- Tim Jordan has been named vice chancellor and chief financial officer at Antioch University (Ohio).
Does being an executive-level higher ed administrator “pay off” in perks? Presidents and chancellors, at least, may well think it does.
In her role as web manager and assistant director of institutional marketing at Elms College (Mass.), Karolina Kilfeather routinely relies on student workers to help carry the department’s workload. She has found that while they may make valuable contributions, students often pose special manage
Although many campuses are tobacco-free, it would be rare to find 100 percent compliance among staff, faculty, and students. There are usually a handful of smokers huddled together in a corner, puffing away.
More than 1,130 U.S. higher ed institutions have implemented smoke-free campus policies, and the number is expected to climb, according to the organization Americans for Nonsmokers’ Rights.
The Universities of Oregon, Illinois, and Virginia have plenty in common. They all rate as leading research institutions, boast a high-achieving graduate and undergraduate student body, and field formidable athletic teams that compete regularly for national championships.
Part-time faculty play a vital role in university life.
Perhaps nothing causes more administrative anxiety for deans at nursing schools than the nation’s nursing shortage. It not only poses a real threat to the country’s health care delivery system, but also to higher ed institutions that need nursing faculty.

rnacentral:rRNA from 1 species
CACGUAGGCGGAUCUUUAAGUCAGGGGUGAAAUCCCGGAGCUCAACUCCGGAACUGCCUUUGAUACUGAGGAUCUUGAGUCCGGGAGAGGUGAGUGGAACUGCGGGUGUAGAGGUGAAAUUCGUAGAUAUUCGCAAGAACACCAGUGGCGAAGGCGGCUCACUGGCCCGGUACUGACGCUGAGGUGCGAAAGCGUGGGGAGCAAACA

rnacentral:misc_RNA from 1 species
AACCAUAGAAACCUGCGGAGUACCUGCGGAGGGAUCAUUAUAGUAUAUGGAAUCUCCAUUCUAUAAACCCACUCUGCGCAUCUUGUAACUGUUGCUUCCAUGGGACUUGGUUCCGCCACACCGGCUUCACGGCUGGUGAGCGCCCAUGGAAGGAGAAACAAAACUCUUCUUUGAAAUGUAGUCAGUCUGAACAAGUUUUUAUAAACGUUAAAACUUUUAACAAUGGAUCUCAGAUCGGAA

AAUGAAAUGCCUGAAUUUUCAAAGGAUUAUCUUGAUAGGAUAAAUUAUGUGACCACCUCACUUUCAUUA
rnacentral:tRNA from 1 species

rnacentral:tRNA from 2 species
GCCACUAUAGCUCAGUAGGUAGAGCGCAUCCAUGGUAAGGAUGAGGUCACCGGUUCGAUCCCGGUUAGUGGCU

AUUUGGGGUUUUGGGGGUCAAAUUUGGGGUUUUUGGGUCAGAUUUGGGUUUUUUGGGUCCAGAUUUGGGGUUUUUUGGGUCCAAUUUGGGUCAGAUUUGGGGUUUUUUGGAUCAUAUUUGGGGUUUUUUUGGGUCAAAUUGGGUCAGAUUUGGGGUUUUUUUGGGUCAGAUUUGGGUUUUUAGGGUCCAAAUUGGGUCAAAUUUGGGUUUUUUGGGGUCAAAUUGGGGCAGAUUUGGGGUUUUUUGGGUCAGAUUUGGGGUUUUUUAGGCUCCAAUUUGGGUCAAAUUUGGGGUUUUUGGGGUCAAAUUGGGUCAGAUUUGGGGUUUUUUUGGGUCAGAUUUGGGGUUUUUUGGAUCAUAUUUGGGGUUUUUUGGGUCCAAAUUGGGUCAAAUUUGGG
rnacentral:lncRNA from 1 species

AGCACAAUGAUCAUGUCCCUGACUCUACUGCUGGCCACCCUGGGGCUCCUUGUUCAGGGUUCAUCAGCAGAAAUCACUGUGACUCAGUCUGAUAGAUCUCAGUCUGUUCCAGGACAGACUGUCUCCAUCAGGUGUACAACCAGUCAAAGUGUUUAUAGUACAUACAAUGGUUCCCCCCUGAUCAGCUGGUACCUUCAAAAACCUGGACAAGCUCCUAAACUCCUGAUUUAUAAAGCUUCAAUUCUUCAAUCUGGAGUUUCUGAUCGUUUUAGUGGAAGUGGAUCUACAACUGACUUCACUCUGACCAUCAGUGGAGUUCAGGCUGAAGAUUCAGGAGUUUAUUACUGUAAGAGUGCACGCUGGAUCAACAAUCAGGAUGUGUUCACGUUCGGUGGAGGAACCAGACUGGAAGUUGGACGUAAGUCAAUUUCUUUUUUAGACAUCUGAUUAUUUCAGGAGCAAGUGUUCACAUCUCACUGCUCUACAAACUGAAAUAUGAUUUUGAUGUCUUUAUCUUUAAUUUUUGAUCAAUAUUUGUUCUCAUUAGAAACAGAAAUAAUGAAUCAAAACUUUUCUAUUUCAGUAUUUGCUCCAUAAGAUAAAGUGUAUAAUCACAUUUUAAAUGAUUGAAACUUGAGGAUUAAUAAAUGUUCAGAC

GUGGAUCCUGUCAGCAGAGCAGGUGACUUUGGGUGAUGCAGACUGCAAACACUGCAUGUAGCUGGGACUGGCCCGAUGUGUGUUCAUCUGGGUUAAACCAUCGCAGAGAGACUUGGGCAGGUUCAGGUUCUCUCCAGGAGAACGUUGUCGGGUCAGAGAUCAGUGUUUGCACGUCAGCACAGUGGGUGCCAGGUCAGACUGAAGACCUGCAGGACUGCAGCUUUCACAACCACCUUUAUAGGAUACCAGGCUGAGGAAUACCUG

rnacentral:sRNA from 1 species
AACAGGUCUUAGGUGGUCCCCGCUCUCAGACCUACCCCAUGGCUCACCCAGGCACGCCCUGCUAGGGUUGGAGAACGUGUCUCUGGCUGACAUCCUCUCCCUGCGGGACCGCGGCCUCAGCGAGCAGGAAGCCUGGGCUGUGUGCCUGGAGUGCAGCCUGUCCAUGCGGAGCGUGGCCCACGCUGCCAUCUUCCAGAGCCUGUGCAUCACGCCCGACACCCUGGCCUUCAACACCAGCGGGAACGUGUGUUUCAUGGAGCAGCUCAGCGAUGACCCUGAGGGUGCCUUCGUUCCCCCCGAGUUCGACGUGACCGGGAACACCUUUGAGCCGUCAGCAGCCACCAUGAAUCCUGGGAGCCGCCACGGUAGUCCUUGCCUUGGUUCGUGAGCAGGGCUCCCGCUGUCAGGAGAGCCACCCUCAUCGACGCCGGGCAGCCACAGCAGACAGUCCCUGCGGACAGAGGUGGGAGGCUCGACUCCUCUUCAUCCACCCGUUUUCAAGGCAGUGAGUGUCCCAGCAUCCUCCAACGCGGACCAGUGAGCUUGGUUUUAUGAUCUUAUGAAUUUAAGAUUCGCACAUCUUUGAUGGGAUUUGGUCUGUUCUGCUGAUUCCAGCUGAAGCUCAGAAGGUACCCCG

Bullies aren’t just on the playground. In fact, 62 percent of higher ed employees surveyed for a recent study reported witnessing or experiencing bullying in the past 18 months.
With campus leaders looking to streamline operations and save resources, electronic payroll options are very appealing.
As university presidents gathered at this fall’s conferences and seminars, the usual question of “How was your summer?” likely produced more than perfunctory, polite responses. It was a wild season for a number of higher education leaders.
With budgets still tight and a workforce still lean, some higher ed institutions are applying an old approach that allows them to do more with less.
The Rutgers (N.J.) spying case and the Penn State abuse scandal, among others, highlight the liability risks of all types facing colleges and universities.
Universities and colleges are struggling to compete for high quality senior administrative leaders. Tight budgets compound the challenge, since recruiting, selecting, and relocating candidates require significant investments.
The higher education chief information officer role has origins that date back around three decades. This relatively nascent position is evolving at breakneck speed, adapting to the rapidly changing information technology landscape and a higher ed space also undergoing unprecedented change.